“Imagine if Tarantino [in Inglourious Basterds] had balanced his goofy revision of World War II history with actual scenes of Jews being ushered into the showers or their corpses carted off by the dozens. He seems to have been aware that his kind of self-reflexive artifice comes off as heartless when paired with actual historical atrocity, so why is he comfortable including similar-minded scenes in Django Unchained?”
Jeremy: Maybe you’re right, and I’m just a sucker for style. I love the tight, visually beautiful, and heavily stylized moments in this film just like I love the spaghetti westerns that they pay homage to. But, I don’t think you’re right to say that this film reacts with indifference toward the trauma of slavery. Take a look, for instance, at the film’s most charismatic character, Christoph Waltz’s Dr. King Shultz. This is a character so disgusted by American slavery that he literally throws his life away only to kill a despised slave owner, and edify his sense of pure horror when faced with the reality of slavery. This moment actually makes little narrative sense, and feels relatively disjunctive in an otherwise tightly plotted enterprise, but I think it shows the film’s core, which is a strong refusal to accept this evil practice.
Perhaps there are indeed things and images too sacred, too intrinsically awful and unthinkable to be portrayed in Tarantino’s admittedly sloshy style, and if there are, then slavery may indeed be one of them. But I think criticizing this film for being revisionist or for being stylized is not dealing with it on its own terms. Certainly this film is unseemly, and probably in poor taste, but its vulgarity comes from the same place as Shultz’s misplaced sacrifice, a complete disgust and rejection of the ideas behind slavery. The film hates the institution of slavery so much that it finds it necessary to show some gruesome images of its horrors, and some disgusting rhetoric, particularly Leonardo DiCaprio’s character’s speech about the phrenological justifications for slavery. What you see as a trivialization of slavery seems to me to be a sign of respect to its massive and terrible influence. It is exactly to avoid producing a mollifying or escapist film that those vile images and ideas are necessary. Absolutely those scenes are incredibly distasteful, but that’s their intent. I have a hard time believing that anyone walked out of that theater the same way they would have walked out of a real escapist film, like Avatar, or that anyone really thought that they walked into another moment in history. In fact, I’ll go a step further and say that that’s what all the style and gauche camerawork is for, to make sure that people cannot take this revisionist tale for reality. And the truth that lives outside the film, unseen (like much of that gruesome scene with the dogs) and implied through the narrative, is more terrible. This film reclaims history, rather than portraying it, but by doing so does that somehow negate history’s influence? I don’t think so.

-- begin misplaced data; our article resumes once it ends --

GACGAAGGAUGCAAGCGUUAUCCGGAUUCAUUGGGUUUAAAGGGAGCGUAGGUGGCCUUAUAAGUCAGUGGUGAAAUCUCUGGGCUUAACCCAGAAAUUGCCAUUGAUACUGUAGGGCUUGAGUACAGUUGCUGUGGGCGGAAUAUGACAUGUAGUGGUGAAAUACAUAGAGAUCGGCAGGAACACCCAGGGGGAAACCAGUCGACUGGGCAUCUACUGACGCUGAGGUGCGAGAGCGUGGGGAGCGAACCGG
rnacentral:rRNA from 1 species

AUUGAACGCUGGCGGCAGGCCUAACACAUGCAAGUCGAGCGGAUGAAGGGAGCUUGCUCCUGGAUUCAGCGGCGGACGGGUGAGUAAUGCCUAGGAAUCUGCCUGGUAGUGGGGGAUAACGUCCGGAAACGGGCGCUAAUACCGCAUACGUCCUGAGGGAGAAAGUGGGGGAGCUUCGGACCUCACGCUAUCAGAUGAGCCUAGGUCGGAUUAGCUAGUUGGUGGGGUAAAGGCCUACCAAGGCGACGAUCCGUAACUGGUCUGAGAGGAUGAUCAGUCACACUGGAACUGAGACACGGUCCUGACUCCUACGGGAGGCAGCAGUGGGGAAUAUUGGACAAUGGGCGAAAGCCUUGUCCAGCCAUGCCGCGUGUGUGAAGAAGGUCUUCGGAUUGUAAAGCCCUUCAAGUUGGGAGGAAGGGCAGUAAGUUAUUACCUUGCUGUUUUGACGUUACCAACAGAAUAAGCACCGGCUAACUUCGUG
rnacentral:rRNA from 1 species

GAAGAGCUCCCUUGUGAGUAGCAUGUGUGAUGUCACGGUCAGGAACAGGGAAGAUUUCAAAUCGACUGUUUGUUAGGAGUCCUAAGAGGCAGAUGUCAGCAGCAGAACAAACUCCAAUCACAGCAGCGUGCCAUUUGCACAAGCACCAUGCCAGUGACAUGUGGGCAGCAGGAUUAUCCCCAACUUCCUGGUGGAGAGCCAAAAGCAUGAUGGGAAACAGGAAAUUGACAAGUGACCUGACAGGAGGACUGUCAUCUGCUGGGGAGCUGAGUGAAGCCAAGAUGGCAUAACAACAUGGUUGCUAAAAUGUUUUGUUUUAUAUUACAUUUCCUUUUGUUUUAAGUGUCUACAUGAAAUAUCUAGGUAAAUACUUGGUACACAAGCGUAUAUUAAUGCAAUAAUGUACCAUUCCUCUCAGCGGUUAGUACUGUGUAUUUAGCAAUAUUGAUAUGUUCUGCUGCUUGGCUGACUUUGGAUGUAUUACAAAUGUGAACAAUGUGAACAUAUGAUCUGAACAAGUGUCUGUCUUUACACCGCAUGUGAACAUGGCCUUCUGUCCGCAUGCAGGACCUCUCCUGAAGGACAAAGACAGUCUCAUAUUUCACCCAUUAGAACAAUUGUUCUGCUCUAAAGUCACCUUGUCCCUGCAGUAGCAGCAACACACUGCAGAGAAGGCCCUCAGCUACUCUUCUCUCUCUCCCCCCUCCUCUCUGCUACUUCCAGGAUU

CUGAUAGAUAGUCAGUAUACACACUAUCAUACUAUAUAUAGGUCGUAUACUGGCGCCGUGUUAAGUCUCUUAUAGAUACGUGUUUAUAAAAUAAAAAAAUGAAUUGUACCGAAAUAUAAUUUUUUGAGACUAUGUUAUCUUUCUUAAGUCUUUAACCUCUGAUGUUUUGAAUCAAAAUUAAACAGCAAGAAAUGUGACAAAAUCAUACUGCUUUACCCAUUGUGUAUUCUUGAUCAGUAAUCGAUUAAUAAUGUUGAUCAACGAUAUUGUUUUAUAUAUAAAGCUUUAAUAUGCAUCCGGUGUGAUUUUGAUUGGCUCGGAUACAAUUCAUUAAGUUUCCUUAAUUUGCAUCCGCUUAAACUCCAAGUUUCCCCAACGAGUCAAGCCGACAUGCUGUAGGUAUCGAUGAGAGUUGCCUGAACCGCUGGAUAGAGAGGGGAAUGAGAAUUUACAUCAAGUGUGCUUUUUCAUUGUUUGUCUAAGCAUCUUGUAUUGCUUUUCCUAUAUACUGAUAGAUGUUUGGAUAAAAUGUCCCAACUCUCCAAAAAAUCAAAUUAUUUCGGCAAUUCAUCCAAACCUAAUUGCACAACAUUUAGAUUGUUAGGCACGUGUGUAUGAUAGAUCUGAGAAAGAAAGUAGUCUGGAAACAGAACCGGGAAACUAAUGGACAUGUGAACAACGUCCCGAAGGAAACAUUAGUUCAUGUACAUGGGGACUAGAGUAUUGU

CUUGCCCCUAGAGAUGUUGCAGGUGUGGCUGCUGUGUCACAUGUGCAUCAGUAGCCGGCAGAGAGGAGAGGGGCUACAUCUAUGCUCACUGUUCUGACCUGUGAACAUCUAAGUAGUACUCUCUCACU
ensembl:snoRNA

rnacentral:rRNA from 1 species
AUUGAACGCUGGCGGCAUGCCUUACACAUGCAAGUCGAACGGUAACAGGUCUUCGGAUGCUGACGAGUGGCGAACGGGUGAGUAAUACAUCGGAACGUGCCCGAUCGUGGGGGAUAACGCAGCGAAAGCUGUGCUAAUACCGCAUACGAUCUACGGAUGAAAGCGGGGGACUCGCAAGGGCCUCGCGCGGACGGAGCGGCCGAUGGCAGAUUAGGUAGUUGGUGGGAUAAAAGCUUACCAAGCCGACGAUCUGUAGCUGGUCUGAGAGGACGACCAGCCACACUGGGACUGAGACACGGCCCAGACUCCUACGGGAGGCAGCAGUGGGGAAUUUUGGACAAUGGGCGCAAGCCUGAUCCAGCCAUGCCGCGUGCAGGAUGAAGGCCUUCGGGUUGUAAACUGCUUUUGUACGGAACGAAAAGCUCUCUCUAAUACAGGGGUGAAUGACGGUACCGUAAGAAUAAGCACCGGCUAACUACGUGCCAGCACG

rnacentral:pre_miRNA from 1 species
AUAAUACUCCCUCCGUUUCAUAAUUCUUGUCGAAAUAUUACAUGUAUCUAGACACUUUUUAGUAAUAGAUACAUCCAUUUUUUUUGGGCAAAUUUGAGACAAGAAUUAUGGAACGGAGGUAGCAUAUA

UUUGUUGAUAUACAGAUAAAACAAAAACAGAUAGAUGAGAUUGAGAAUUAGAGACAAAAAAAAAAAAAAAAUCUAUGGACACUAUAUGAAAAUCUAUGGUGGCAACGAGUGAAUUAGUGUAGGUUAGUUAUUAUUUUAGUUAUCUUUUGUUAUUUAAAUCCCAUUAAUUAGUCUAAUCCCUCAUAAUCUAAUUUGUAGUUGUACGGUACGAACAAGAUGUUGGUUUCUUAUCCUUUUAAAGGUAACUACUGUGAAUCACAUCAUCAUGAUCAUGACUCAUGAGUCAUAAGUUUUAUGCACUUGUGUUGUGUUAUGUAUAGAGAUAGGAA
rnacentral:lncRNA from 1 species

“I think criticizing this film for being revisionist or for being stylized is not dealing with it on its own terms. Certainly this film is unseemly, and probably in poor taste, but its vulgarity comes from the same place as Shultz’s misplaced sacrifice, a complete disgust and rejection of the ideas behind slavery.”
Certainly this film is closer to Blazing Saddles than it is to Lincoln, but through its stylized parody, it gets at something a bit deeper, while remaining beautiful, very funny at times, stylish, and entertaining for those who can hold their screen gore.